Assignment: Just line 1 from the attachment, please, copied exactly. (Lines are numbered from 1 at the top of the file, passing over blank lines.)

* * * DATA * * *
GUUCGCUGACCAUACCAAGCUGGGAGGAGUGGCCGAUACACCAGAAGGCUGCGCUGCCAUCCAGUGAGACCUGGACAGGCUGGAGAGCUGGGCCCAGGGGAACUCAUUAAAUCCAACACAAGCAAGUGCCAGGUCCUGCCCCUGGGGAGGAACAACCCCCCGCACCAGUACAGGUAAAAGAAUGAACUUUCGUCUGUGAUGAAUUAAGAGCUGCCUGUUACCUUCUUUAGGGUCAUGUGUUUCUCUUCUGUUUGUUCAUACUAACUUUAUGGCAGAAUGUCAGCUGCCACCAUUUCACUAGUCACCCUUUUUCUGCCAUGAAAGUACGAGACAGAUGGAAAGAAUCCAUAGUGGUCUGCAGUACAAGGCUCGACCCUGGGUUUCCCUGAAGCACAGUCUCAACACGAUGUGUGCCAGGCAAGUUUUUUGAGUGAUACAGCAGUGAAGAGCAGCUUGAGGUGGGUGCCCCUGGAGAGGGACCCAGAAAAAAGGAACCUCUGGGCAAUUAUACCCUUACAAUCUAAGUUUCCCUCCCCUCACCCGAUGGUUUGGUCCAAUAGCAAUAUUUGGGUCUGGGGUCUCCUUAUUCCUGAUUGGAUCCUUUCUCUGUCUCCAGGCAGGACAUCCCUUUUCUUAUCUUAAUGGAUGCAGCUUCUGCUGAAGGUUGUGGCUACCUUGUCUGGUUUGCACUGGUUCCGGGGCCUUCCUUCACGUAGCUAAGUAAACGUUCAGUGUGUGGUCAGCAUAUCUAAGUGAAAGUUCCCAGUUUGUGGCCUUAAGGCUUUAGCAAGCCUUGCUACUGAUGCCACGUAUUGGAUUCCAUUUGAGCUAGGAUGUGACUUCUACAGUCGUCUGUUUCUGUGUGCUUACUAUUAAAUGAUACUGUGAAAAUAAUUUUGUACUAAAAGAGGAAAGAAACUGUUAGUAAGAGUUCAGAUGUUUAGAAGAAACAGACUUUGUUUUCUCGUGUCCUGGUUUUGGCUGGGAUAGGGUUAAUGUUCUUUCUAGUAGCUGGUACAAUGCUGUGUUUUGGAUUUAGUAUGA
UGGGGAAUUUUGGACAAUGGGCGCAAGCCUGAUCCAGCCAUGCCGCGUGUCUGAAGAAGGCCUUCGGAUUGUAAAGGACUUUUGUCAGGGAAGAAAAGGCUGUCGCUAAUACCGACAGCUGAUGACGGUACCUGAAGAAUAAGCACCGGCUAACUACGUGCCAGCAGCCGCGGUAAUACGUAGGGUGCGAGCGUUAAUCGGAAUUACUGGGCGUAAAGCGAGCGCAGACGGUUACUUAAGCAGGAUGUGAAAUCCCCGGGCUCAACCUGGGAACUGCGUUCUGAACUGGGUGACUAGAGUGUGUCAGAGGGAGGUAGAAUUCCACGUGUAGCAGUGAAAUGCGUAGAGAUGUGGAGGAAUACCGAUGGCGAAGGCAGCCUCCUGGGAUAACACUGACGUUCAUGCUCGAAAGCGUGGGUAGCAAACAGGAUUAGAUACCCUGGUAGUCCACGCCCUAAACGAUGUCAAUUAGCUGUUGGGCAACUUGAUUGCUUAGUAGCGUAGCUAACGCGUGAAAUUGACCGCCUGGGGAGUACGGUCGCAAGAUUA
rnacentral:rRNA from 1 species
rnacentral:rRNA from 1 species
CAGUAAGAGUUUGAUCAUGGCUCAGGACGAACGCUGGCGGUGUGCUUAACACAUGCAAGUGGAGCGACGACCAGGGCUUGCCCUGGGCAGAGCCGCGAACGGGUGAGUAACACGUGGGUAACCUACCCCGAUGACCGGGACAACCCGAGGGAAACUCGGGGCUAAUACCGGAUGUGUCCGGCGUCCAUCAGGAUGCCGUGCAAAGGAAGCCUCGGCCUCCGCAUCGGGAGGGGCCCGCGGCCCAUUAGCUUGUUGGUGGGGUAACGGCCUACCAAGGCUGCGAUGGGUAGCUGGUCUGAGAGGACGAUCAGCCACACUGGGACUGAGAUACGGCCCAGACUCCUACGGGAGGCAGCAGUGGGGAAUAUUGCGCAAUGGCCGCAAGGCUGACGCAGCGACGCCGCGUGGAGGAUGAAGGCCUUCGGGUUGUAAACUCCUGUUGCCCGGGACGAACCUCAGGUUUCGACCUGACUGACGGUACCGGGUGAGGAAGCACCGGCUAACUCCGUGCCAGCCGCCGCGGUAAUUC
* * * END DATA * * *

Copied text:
GUUCGCUGACCAUACCAAGCUGGGAGGAGUGGCCGAUACACCAGAAGGCUGCGCUGCCAUCCAGUGAGACCUGGACAGGCUGGAGAGCUGGGCCCAGGGGAACUCAUUAAAUCCAACACAAGCAAGUGCCAGGUCCUGCCCCUGGGGAGGAACAACCCCCCGCACCAGUACAGGUAAAAGAAUGAACUUUCGUCUGUGAUGAAUUAAGAGCUGCCUGUUACCUUCUUUAGGGUCAUGUGUUUCUCUUCUGUUUGUUCAUACUAACUUUAUGGCAGAAUGUCAGCUGCCACCAUUUCACUAGUCACCCUUUUUCUGCCAUGAAAGUACGAGACAGAUGGAAAGAAUCCAUAGUGGUCUGCAGUACAAGGCUCGACCCUGGGUUUCCCUGAAGCACAGUCUCAACACGAUGUGUGCCAGGCAAGUUUUUUGAGUGAUACAGCAGUGAAGAGCAGCUUGAGGUGGGUGCCCCUGGAGAGGGACCCAGAAAAAAGGAACCUCUGGGCAAUUAUACCCUUACAAUCUAAGUUUCCCUCCCCUCACCCGAUGGUUUGGUCCAAUAGCAAUAUUUGGGUCUGGGGUCUCCUUAUUCCUGAUUGGAUCCUUUCUCUGUCUCCAGGCAGGACAUCCCUUUUCUUAUCUUAAUGGAUGCAGCUUCUGCUGAAGGUUGUGGCUACCUUGUCUGGUUUGCACUGGUUCCGGGGCCUUCCUUCACGUAGCUAAGUAAACGUUCAGUGUGUGGUCAGCAUAUCUAAGUGAAAGUUCCCAGUUUGUGGCCUUAAGGCUUUAGCAAGCCUUGCUACUGAUGCCACGUAUUGGAUUCCAUUUGAGCUAGGAUGUGACUUCUACAGUCGUCUGUUUCUGUGUGCUUACUAUUAAAUGAUACUGUGAAAAUAAUUUUGUACUAAAAGAGGAAAGAAACUGUUAGUAAGAGUUCAGAUGUUUAGAAGAAACAGACUUUGUUUUCUCGUGUCCUGGUUUUGGCUGGGAUAGGGUUAAUGUUCUUUCUAGUAGCUGGUACAAUGCUGUGUUUUGGAUUUAGUAUGA